Maps, Guides And More - Guatemala

Maps, Guides & More

Places and geographical objects in Guatemala. Zoom in the map to level 9 to see the objects on the map.

Map of Guatemala

Basic information about Guatemala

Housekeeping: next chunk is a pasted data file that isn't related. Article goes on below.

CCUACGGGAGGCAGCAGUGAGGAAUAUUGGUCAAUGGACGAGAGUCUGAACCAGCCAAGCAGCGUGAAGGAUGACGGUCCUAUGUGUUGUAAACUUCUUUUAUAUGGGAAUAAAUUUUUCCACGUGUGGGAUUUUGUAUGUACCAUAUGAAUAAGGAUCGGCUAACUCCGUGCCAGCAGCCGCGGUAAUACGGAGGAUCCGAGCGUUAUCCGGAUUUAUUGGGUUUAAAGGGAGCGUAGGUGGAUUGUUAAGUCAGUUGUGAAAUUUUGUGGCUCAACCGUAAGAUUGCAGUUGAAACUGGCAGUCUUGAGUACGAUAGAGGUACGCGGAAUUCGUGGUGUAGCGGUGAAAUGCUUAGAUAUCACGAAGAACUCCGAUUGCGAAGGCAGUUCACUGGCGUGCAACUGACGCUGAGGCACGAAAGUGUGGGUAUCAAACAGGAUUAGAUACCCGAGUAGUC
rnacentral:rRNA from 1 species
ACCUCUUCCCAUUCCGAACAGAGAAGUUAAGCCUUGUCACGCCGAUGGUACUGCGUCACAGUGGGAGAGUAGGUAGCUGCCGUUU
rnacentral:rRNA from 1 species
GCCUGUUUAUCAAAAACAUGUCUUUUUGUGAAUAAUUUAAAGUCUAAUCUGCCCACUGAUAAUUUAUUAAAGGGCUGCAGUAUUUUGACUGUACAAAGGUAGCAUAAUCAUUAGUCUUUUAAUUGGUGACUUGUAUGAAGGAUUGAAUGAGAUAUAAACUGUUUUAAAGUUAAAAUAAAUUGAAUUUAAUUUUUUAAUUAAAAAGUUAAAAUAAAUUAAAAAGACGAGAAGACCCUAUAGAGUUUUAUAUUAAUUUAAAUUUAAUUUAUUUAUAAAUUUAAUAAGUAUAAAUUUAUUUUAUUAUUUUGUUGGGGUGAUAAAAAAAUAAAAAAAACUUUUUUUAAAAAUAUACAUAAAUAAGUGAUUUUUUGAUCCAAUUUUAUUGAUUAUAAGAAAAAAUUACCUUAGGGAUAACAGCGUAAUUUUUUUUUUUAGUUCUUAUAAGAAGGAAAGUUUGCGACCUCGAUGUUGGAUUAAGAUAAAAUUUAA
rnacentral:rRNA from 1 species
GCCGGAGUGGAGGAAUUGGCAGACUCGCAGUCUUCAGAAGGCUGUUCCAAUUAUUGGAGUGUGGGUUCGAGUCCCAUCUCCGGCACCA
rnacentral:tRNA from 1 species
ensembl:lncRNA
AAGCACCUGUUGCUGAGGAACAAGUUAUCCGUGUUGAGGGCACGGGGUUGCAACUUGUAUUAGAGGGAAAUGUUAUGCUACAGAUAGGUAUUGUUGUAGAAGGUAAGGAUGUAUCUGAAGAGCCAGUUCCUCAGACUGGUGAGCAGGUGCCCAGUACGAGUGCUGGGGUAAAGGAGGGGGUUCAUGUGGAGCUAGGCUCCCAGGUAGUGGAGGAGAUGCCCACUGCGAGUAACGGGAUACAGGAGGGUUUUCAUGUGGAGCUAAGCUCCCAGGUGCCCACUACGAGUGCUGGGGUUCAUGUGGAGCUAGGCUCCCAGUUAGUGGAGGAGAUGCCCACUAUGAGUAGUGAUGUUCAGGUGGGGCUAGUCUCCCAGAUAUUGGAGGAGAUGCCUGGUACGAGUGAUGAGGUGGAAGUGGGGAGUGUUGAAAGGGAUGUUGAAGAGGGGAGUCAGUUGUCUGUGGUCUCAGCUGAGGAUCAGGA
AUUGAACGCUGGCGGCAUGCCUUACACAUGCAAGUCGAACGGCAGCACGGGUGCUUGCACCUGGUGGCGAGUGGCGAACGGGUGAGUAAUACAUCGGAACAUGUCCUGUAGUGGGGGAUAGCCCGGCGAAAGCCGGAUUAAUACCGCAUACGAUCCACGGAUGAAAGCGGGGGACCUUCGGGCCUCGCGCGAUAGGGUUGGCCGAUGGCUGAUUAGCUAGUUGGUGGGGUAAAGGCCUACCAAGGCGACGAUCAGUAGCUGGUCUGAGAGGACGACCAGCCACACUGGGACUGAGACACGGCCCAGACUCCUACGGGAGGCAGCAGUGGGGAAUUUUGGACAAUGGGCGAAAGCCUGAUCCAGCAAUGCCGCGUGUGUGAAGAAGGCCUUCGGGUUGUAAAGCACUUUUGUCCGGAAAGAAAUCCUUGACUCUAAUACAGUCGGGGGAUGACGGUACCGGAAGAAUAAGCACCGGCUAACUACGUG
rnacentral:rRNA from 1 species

Guatemala (/ˌɡwɑːtᵻˈmɑːləˌ ɡwæ-ˌ ɡɑː-/ GWAH-tə-MAH-lə, GWAT-ə-MAH-lə or GAH-tə-MAH-lə; [gwateˈmala]), officially the Republic of Guatemala (Spanish: República de Guatemala), is a country in Central America bordered by Mexico to the north and west, the Pacific Ocean to the southwest, Belize to the northeast, the Caribbean to the east, Honduras to the east and El Salvador to the southeast. With an estimated population of around 15.8 million, it is the most populous state in Central America. A representative democracy, Guatemala's capital and largest city is Nueva Guatemala de la Asunción, also known as Guatemala City. The territory of modern Guatemala once formed the core of the Mayan civilization, which extended across Mesoamerica. Most of the country was conquered by the Spanish in the 16th century, becoming part of the viceroyalty of New Spain. Guatemala attained independence in 1821 as part of the Federal Republic of Central America, which dissolved in 1841. From the mid to late 19th century, Guatemala experienced chronic instability and civil strife. Beginning in the early 20th century, it was ruled by a series of dictators backed by the United Fruit Company and the United States government. In 1944, authoritarian leader Jorge Ubico was overthrown by a pro-democratic military coup, initiating a decade-long revolution that led to sweeping social and economic reforms. A U.S.-backed military coup in 1954 ended the revolution and installed a dictatorship. From 1960 to 1996, Guatemala endured a bloody civil war fought between the U.S.-backed government and leftist rebels, which included massacres of the Mayan population perpetrated by the military. Since a United Nations-negotiated peace accord, Guatemala has witnessed both economic growth and successful democratic elections, though it continues to struggle with high rates of poverty, crime, drug trade, and instability. Guatemala's abundance of biologically significant and unique ecosystems, which includes a large number of endemic species, contributes to Mesoamerica's designation as a biodiversity hotspot. The country is also known for its rich and distinct culture, which is characterized by a fusion of Spanish and Indigenous influences.Guatemala (/ˌɡwɑːtᵻˈmɑːləˌ ɡwæ-ˌ ɡɑː-/ GWAH-tə-MAH-lə, GWAT-ə-MAH-lə or GAH-tə-MAH-lə; [gwateˈmala]), officially the Republic of Guatemala (Spanish: República de Guatemala), is a country in Central America bordered by Mexico to the north and west, the Pacific Ocean to the southwest, Belize to the northeast, the Caribbean to the east, Honduras to the east and El Salvador to the southeast. With an estimated population of around 15.8 million, it is the most populous state in Central America. A representative democracy, Guatemala's capital and largest city is Nueva Guatemala de la Asunción, also known as Guatemala City. The territory of modern Guatemala once formed the core of the Mayan civilization, which extended across Mesoamerica. Most of the country was conquered by the Spanish in the 16th century, becoming part of the viceroyalty of New Spain. Guatemala attained independence in 1821 as part of the Federal Republic of Central America, which dissolved in 1841. From the mid to late 19th century, Guatemala experienced chronic instability and civil strife. Beginning in the early 20th century, it was ruled by a series of dictators backed by the United Fruit Company and the United States government. In 1944, authoritarian leader Jorge Ubico was overthrown by a pro-democratic military coup, initiating a decade-long revolution that led to sweeping social and economic reforms. A U.S.-backed military coup in 1954 ended the revolution and installed a dictatorship. From 1960 to 1996, Guatemala endured a bloody civil war fought between the U.S.-backed government and leftist rebels, which included massacres of the Mayan population perpetrated by the military. Since a United Nations-negotiated peace accord, Guatemala has witnessed both economic growth and successful democratic elections, though it continues to struggle with high rates of poverty, crime, drug trade, and instability. Guatemala's abundance of biologically significant and unique ecosystems, which includes a large number of endemic species, contributes to Mesoamerica's designation as a biodiversity hotspot. The country is also known for its rich and distinct culture, which is characterized by a fusion of Spanish and Indigenous influences.